Home About us Current issue Ahead of Print Back issues Submission Instructions Advertise Contact Login   

Search Article 
Advanced search 
Saudi Journal of Kidney Diseases and Transplantation
Users online: 1488 Home Bookmark this page Print this page Email this page Small font sizeDefault font size Increase font size 

ORIGINAL ARTICLE Table of Contents   
Year : 2008  |  Volume : 19  |  Issue : 6  |  Page : 911-917
Correlation of urinary monocyte chemo-attractant protein-1 with other parameters of renal injury in type-II diabetes mellitus

1 Department of Internal Medicine, Cairo University, Egypt
2 Department of Medical Biochemistry, Cairo University, Egypt

Correspondence Address:
Salwa Ibrahim
Department of Internal Medicine, Cairo University
Login to access the Email id

PMID: 18974575

Rights and Permissions

Diabetic nephropathy (DN) is the leading cause of end-stage renal disease in the western world. Increased number of interstitial macrophages has been observed in biopsies from patients with DN. Monocyte chemo-attractant protein-1 (MCP-1) is the strongest known chemo­tactic factor for monocytes and is upregulated in DN. We examined urinary levels of MCP-1 in patients with type-2 diabetes mellitus (DM) to assess its possible correlation with other para­meters of renal injury. The urinary MCP-1 level was assessed in 75 patients with type-2 DM (25 patients each with no microalbuminuria, with macroalbuminuria and, with renal impairment) and compared them with matched healthy control subjects. The HbA1c and estimated glomerular fil­tration rate (eGFR) derived from the abbreviated Modification of Diet in Renal Disease (MDRD) equation were examined in the study groups in relation to the urinary MCP-1. The urinary MCP-1 level was significantly higher in patients with micro and macroalbuminuria (167.41 ± 50.23 and 630.87 ± 318.10 ng/gm creatinine respectively) as compared with normoalbuminuric patients and healthy controls (63.85 ± 21.15 and 61.50 ± 24.81 ng/gm creatinine, p< 0.001). MCP-1 correlated positively with urine albumin/creatinine ratio (ACR) (r= 0.75, p< 0.001), HbA1c (r= 0.55, p< 0.001) and inversely with eGFR (r=-0.60, p< 0.001). Our findings suggest that hyperglycemia is associated with increased urinary levels of MCP-1 that is closely linked to renal damage as reflected by proteinuria and eGFR levels. Collectively, these findings suggest that MCP-1 is in­volved in the pathogenesis of diabetic nephropathy through its various stages.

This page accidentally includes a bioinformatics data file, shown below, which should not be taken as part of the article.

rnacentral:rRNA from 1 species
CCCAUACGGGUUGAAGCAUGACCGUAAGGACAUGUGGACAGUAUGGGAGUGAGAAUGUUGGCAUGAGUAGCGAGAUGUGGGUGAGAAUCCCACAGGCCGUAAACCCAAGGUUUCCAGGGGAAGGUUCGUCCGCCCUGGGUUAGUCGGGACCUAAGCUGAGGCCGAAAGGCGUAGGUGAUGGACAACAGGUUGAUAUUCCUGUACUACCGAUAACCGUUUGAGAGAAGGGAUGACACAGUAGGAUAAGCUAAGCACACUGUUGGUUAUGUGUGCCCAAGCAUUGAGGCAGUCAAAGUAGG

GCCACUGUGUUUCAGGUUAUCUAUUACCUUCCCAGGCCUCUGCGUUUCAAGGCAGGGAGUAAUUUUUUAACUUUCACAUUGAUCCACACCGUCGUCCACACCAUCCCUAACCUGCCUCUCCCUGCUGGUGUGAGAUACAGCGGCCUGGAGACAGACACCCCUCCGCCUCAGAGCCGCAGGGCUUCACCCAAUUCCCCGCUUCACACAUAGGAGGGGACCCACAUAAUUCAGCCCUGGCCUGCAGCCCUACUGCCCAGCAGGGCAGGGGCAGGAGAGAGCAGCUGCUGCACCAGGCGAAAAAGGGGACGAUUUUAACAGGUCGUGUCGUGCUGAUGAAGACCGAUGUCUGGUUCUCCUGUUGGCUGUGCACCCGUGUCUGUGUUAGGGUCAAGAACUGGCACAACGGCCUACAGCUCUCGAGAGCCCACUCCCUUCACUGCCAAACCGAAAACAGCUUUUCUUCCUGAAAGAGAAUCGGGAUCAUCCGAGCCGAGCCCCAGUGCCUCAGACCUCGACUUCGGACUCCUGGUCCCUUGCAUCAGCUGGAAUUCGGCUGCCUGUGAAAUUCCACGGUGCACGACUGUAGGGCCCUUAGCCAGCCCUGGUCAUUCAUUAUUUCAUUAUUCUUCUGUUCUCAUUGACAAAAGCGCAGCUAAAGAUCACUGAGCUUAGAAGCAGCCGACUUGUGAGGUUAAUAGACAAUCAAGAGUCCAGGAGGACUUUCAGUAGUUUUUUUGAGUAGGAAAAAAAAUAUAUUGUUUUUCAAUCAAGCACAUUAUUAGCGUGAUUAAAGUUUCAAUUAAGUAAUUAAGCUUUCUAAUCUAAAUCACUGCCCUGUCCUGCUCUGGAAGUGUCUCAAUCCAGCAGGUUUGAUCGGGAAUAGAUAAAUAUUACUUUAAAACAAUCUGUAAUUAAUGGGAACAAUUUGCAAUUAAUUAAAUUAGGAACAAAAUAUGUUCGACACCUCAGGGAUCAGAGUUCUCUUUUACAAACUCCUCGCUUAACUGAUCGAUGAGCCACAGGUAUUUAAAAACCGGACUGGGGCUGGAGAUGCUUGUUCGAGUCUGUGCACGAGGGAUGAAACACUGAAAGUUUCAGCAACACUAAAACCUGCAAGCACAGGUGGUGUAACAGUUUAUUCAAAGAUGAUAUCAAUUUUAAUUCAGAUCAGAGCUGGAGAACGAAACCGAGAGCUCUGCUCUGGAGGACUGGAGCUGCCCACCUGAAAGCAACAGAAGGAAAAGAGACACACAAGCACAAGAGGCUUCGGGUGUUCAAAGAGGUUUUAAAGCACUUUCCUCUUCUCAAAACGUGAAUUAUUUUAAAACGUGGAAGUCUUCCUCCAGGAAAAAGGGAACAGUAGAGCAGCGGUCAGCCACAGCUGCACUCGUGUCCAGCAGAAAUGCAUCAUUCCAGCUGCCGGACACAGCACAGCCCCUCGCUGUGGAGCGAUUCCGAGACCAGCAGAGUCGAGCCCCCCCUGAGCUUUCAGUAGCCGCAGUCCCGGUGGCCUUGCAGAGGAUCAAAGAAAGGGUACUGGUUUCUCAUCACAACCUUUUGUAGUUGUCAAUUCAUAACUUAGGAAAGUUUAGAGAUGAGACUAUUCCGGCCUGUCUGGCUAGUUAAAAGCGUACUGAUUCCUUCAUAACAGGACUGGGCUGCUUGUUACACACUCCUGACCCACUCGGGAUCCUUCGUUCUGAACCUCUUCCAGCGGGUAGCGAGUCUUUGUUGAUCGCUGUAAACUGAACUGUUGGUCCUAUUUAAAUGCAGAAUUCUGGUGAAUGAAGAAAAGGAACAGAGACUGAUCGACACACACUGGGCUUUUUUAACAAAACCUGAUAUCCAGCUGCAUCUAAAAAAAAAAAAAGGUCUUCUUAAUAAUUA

Print this article  Email this article

  Similar in PUBMED
    Search Pubmed for
    Search in Google Scholar for
  Related articles
   Citation Manager
  Access Statistics
   Reader Comments
   Email Alert *
   Add to My List *
 * Requires registration (Free)

 Article Access Statistics
    PDF Downloaded823    
    Comments [Add]    
    Cited by others 7    

Recommend this journal